Like other sparrows, Harris's Sparrows hop along the ground scratching at the surface or jump to pick food off a low branch. Although they spend a lot of time foraging on the ground, they hop into small shrubs and trees to rest or to sing. If they feel threatened they also tend to fly into a tree or shrub rather than run along the ground to seek cover. Males and females arrive on the breeding grounds at about the same time and start forming pairs within a week. Males sing from exposed perches in trees and shrubs to establish territory boundaries. Males and females form monogamous bonds during the breeding season, but they find new mates each year. Males tend to return to the same territory year after year especially if they succeeded in raising young. Though pairs are solitary during the breeding season, they forage with other Harris's Sparrows as well as other sparrow species on the wintering grounds. Foraging flocks may look friendly, but these flocks have a pecking order; older individuals with darker throat patches dominate the younger, lighter colored birds within the flock and may chase or push them out of the way.


status via IUCN

Least Concern

Harris’s Sparrows breed in remote areas of northern Canada, outside the area covered by the North American Breeding Bird Survey. The best long-term data on their overall population comes from the Christmas Bird Count, conducted on their wintering grounds in the United States. This survey suggests that the species declined by 1.8% per year between 1965 and 2003, resulting in a cumulative decline of 49% during that time. Additional surveys conducted since then indicate a cumulative decline of 63% from 1970–2014. Partners in Flight estimates the global breeding population at 2 million, all of which breed in northern Canada and winter in the United States. Harris's Sparrow is on the 2016 State of North America's Birds' Watch List, which includes bird species that are most at risk of extinction without significant conservation actions to reverse declines and reduce threats. The species rates a 13 out of 20 on the Continental Concern Score. The causes of decline are not known but this bird's restricted range increases its vulnerability to habitat loss. In the U.S. for example, changing agricultural practices that encourage removal of hedgerows reduces the amount of available habitat for Harris's Sparrows. On the breeding grounds, logging and resource extraction may also reduce breeding habitat. Climate change, which has stronger effects at higher latitudes, may also alter the forest-tundra margins where this species breeds.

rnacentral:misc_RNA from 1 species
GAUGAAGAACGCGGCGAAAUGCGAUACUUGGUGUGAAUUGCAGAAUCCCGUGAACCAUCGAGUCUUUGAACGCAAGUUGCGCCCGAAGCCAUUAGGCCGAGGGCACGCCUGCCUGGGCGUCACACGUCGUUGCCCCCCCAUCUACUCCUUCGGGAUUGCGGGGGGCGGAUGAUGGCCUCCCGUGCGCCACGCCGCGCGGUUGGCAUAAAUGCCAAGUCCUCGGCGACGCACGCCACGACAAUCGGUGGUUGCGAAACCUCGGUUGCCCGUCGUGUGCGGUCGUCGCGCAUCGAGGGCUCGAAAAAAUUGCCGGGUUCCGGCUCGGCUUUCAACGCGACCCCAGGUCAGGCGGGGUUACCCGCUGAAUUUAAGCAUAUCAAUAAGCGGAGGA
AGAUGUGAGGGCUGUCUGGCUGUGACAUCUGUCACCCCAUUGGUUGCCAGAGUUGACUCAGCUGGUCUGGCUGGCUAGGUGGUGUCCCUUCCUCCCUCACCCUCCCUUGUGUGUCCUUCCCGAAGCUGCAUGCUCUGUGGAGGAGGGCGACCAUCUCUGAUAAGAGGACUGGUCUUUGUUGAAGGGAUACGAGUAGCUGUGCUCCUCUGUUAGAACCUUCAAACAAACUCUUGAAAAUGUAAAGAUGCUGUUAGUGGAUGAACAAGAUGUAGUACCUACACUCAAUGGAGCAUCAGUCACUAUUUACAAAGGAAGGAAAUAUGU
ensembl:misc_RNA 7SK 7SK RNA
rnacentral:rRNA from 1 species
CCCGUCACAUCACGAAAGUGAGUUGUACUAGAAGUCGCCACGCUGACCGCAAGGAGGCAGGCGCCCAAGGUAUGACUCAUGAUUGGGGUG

• Norment, C. J., S. A. Shackleton, D. J. Watt, P. Pyle, and M. A. Patten. 2016. Harris's Sparrow (Zonotrichia querula), The Birds of North America (P.G. Rodewald, Ed.). Cornell Lab of Ornithology, Ithaca, New York.
  • Karlson, K. T., and D. Rossselet. 2015. Birding by Impression: A Different Approach to Knowing and Identifying Birds. Houghton Mifflin Harcourt, New York, New York.
  • North American Bird Conservation Initiative. 2016. The State of North America’s Birds 2016. Environment and Climate Change Canada: Ottawa, Ontario.
  • Partners in Flight. 2012. Species assessment database.
  • Rising, J. D. 1996. A Guide to the Identification and Natural History of the Sparrows of the United States and Canada. Academic Press, New York, New York.
  • USGS Patuxent Wildlife Research Center. 2016. Longevity records of North American Birds.

Range Map Help

View dynamic map of eBird sightings


Medium-distance migrant.

Backyard Tips

This species often comes to bird feeders, and likes black oil sunflower seeds, millet, and cracked corn. Find out more about what this bird likes to eat and what feeder is best by using the Project FeederWatch Common Feeder Birds bird list.

Birdscaping your yard to include brush piles and other bird friendly features can provide spots for them to forage and take refuge during migration and the winter. Learn more about birdscaping at Habitat Network.

Bird-friendly Winter Gardens, Birdsleuth, 2016.

Find This Bird

Unless you are ready to brave a trip to far northern Canada in the summer, you'll need to catch the Harris's Sparrow during migration or on the wintering grounds. Unlike many sparrows that tend to skulk around in dense scrubby patches of vegetation, Harris's Sparrows aren't very shy and often forage out in the open. Look for them foraging with other sparrows in shrubby areas and fields. Their size alone should make them stand out in the crowd. They also visit bird feeders, so if you live in their wintering range, try putting up a ground or platform feeder and stocking it with black oil sunflower seeds. Although they winter in a relatively small part of the continent, they tend to wander a lot during migration so you never know where one might show up. One or more individuals have shown up in every state in the lower 48.

Get Involved

Tell us how many Harris's Sparrows are at your feeders. Join Project FeederWatch and contribute your data to help monitor backyard birds.

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Watch their migration path on the eBird occurrence map for Harris's Sparrow